I have done a lot of painting in the various lockdown, partly for something to do, partly to keep the crushing loneliness at bay and partly for solace. This blog details two experimental paintings which are slightly different from what I normally do.
I also separated from my wife in January 2020. The combination of grief and a lockdown is not something I would recommend. I one of my more maudlin moments I started cutting the pages out of my old diaries and sticking them to some boards. I went through two volumes before I passed through this phased and decided not to cut up any more, it suddenly seemed a bit petty and something I would regret.
I left the boards for a long while but eventually decided to paint on them. The diaries were quite small, about half the size of A5 and I had stuck multiple layers onto each board. I now live on in Henley-on-Thames and had been sketching, photographing the area since I moved here in June 2020. You can see some of these paintings here. I had a few images I had yet to turn into painting. It was autumn and the changing colours were very engaging, so I selected one image, two red trees, flanking a small wooden holiday home and painted that (above).
The paint is oil paints (as all the paintings in my gallery page). It behaved very differently. It does not flow as well as across canvas or wooden board so I had to apply the paint thickly. I use thick paint anyway. It also took much longer to dry so no matter how long I left it I was always painting wet on wet. This meant fine detail was much harder so I had to opt for a looser style. The whole painting took me a few weeks but I was quite pleased with the result.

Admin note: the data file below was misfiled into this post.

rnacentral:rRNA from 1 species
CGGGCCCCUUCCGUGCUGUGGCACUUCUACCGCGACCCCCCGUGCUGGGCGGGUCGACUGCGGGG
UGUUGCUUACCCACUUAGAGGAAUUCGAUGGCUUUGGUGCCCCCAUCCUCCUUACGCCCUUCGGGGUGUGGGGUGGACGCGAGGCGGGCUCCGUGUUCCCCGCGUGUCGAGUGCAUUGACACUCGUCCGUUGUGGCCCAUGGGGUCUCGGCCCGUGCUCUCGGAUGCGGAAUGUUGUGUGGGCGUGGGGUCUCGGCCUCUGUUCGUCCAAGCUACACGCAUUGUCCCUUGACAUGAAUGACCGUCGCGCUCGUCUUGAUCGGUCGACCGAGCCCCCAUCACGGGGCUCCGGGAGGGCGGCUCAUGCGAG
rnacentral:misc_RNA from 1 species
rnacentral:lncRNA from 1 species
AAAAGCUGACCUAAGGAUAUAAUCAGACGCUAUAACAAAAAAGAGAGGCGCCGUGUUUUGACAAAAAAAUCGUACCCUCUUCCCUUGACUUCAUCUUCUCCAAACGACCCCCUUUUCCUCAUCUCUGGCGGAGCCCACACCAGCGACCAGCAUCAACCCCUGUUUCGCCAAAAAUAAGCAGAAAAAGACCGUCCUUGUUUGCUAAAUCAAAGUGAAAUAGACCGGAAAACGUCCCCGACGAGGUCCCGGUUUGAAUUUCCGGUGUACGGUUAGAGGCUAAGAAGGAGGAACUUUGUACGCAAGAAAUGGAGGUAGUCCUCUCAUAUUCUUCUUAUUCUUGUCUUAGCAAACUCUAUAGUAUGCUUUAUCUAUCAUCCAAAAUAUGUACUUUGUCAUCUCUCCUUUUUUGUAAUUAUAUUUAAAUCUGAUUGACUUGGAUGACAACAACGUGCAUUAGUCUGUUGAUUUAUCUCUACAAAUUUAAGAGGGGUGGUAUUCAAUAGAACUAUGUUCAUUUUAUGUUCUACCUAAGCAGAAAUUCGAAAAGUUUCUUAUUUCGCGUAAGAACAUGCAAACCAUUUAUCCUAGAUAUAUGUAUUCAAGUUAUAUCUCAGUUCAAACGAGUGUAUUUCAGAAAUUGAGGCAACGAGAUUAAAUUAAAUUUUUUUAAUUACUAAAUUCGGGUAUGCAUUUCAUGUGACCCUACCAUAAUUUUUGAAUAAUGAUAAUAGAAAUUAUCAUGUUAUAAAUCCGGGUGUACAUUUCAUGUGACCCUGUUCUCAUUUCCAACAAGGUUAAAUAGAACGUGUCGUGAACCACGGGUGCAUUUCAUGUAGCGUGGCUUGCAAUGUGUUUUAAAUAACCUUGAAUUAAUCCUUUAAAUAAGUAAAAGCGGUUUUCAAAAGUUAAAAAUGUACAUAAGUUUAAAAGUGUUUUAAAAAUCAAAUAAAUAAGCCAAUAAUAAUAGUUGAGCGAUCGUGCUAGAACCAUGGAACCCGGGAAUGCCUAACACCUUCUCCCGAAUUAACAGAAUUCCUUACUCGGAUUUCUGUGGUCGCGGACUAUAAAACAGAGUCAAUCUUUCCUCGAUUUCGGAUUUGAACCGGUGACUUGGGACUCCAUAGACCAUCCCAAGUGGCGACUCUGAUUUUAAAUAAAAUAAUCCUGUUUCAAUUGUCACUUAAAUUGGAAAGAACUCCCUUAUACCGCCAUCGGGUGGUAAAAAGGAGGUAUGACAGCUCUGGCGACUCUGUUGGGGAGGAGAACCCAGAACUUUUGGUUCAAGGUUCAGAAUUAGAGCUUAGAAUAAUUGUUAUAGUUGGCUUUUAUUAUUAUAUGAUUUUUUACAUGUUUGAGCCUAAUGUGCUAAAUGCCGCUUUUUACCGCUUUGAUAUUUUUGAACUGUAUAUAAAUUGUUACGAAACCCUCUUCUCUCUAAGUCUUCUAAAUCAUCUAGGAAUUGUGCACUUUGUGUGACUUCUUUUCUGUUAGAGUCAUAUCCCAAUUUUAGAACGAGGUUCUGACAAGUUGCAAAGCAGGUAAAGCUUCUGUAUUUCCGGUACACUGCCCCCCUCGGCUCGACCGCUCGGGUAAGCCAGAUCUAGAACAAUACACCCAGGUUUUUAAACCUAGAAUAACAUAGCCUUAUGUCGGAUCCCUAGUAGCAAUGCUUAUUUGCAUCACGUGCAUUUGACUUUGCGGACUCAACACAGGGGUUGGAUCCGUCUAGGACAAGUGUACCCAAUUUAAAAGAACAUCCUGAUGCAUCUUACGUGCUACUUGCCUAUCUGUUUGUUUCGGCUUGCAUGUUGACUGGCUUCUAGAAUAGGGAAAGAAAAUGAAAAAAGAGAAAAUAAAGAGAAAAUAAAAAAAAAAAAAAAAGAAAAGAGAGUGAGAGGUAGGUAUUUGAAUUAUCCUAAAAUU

What I particularly like is the way the edges of the diary pages show through. They give the picture a sort of disjointed montage feel which I quite like.
Pleased with the first picture I decided to do another. A friend of mine suggested I try a wintery scene and one cold November morning, I was walking over Henley bridge, the sun was rising over the river, the river was high and flowing fast and a lonely rowing crew was manoeuvring mid stream.
I liked this image and decided to paint it. Familiar with the restrictions now I didn't even try for fine detail but went for a looser more suggestive style which I think suited the subject matter anyway. I was particularly pleased with the graduated sky. Picasso has this trick where he would paint a figure on a piece of paper and stick it on his paintings to see if he wanted to incorporate it or not. It is a useful trick and I used it in reverse here. I painted a blank patch of river and stuck it over the rowers and the buoy to see if I wanted to remove them. I decided in the end to keep them in.
Did I mention they take ages to dry? I finished them both before Christmas but they are still not dry. I think it will be months before they are. I have booked the Old Fire Station Gallery for the 19th to 24th August and intend to have an exhibition then. Hopefully they will be dry by then.
I may do more, but not with diary entries, I might use old receipts or other scrap pieces of paper instead.
William John Mackenzie
I am an artist with a specialism in landscapes and still life. My contact details are here.